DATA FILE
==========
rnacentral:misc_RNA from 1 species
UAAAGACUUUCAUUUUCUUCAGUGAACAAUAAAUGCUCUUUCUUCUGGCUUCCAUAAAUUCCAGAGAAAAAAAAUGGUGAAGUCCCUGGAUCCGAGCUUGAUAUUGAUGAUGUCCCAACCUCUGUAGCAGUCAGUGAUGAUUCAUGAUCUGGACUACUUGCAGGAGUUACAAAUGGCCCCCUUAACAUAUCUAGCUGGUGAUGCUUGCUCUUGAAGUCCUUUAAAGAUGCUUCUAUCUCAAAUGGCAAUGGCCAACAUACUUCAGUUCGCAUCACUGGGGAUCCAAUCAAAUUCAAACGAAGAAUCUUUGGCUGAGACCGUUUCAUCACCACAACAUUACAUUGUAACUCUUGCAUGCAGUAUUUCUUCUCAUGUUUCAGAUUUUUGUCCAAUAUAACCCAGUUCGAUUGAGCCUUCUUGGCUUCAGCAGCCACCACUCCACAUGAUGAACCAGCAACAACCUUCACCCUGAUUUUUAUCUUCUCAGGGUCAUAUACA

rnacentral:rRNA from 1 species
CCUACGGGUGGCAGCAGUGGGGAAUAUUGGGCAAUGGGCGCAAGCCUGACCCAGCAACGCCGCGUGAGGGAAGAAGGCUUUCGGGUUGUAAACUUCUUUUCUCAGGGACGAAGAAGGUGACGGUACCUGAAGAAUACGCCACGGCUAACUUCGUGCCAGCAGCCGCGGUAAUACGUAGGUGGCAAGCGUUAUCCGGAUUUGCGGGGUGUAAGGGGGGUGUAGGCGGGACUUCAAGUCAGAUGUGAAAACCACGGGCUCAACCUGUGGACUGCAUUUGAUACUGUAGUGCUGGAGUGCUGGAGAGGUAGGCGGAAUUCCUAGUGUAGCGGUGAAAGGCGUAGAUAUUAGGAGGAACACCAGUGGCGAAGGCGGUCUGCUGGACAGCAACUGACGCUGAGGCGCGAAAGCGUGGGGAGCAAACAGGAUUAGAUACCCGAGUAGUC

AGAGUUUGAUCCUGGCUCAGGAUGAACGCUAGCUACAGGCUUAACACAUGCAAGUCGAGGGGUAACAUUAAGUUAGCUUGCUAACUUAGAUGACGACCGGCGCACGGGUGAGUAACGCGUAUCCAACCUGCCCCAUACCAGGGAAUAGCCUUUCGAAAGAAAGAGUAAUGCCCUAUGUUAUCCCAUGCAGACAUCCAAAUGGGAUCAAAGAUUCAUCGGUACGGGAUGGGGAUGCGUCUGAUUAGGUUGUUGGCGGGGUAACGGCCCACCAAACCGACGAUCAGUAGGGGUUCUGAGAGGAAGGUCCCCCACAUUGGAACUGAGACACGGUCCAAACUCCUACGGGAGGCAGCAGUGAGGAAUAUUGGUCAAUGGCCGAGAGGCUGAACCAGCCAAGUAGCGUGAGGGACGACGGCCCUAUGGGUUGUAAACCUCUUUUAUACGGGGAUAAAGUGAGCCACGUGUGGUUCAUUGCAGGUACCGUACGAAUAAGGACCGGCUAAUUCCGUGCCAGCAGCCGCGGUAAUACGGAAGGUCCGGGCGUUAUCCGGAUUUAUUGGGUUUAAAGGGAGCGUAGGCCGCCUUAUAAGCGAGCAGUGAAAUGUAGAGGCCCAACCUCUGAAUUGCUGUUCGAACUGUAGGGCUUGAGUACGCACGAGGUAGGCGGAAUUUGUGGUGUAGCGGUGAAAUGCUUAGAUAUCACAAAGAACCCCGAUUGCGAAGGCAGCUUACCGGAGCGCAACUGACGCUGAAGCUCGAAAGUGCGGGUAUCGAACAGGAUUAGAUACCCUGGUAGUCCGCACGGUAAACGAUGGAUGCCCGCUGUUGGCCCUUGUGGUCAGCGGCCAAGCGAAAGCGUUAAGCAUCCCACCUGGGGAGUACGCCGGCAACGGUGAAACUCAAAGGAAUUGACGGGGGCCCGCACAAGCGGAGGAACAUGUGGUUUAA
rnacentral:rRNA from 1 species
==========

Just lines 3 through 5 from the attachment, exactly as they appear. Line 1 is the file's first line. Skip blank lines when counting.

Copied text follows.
rnacentral:rRNA from 1 species
CCUACGGGUGGCAGCAGUGGGGAAUAUUGGGCAAUGGGCGCAAGCCUGACCCAGCAACGCCGCGUGAGGGAAGAAGGCUUUCGGGUUGUAAACUUCUUUUCUCAGGGACGAAGAAGGUGACGGUACCUGAAGAAUACGCCACGGCUAACUUCGUGCCAGCAGCCGCGGUAAUACGUAGGUGGCAAGCGUUAUCCGGAUUUGCGGGGUGUAAGGGGGGUGUAGGCGGGACUUCAAGUCAGAUGUGAAAACCACGGGCUCAACCUGUGGACUGCAUUUGAUACUGUAGUGCUGGAGUGCUGGAGAGGUAGGCGGAAUUCCUAGUGUAGCGGUGAAAGGCGUAGAUAUUAGGAGGAACACCAGUGGCGAAGGCGGUCUGCUGGACAGCAACUGACGCUGAGGCGCGAAAGCGUGGGGAGCAAACAGGAUUAGAUACCCGAGUAGUC

AGAGUUUGAUCCUGGCUCAGGAUGAACGCUAGCUACAGGCUUAACACAUGCAAGUCGAGGGGUAACAUUAAGUUAGCUUGCUAACUUAGAUGACGACCGGCGCACGGGUGAGUAACGCGUAUCCAACCUGCCCCAUACCAGGGAAUAGCCUUUCGAAAGAAAGAGUAAUGCCCUAUGUUAUCCCAUGCAGACAUCCAAAUGGGAUCAAAGAUUCAUCGGUACGGGAUGGGGAUGCGUCUGAUUAGGUUGUUGGCGGGGUAACGGCCCACCAAACCGACGAUCAGUAGGGGUUCUGAGAGGAAGGUCCCCCACAUUGGAACUGAGACACGGUCCAAACUCCUACGGGAGGCAGCAGUGAGGAAUAUUGGUCAAUGGCCGAGAGGCUGAACCAGCCAAGUAGCGUGAGGGACGACGGCCCUAUGGGUUGUAAACCUCUUUUAUACGGGGAUAAAGUGAGCCACGUGUGGUUCAUUGCAGGUACCGUACGAAUAAGGACCGGCUAAUUCCGUGCCAGCAGCCGCGGUAAUACGGAAGGUCCGGGCGUUAUCCGGAUUUAUUGGGUUUAAAGGGAGCGUAGGCCGCCUUAUAAGCGAGCAGUGAAAUGUAGAGGCCCAACCUCUGAAUUGCUGUUCGAACUGUAGGGCUUGAGUACGCACGAGGUAGGCGGAAUUUGUGGUGUAGCGGUGAAAUGCUUAGAUAUCACAAAGAACCCCGAUUGCGAAGGCAGCUUACCGGAGCGCAACUGACGCUGAAGCUCGAAAGUGCGGGUAUCGAACAGGAUUAGAUACCCUGGUAGUCCGCACGGUAAACGAUGGAUGCCCGCUGUUGGCCCUUGUGGUCAGCGGCCAAGCGAAAGCGUUAAGCAUCCCACCUGGGGAGUACGCCGGCAACGGUGAAACUCAAAGGAAUUGACGGGGGCCCGCACAAGCGGAGGAACAUGUGGUUUAA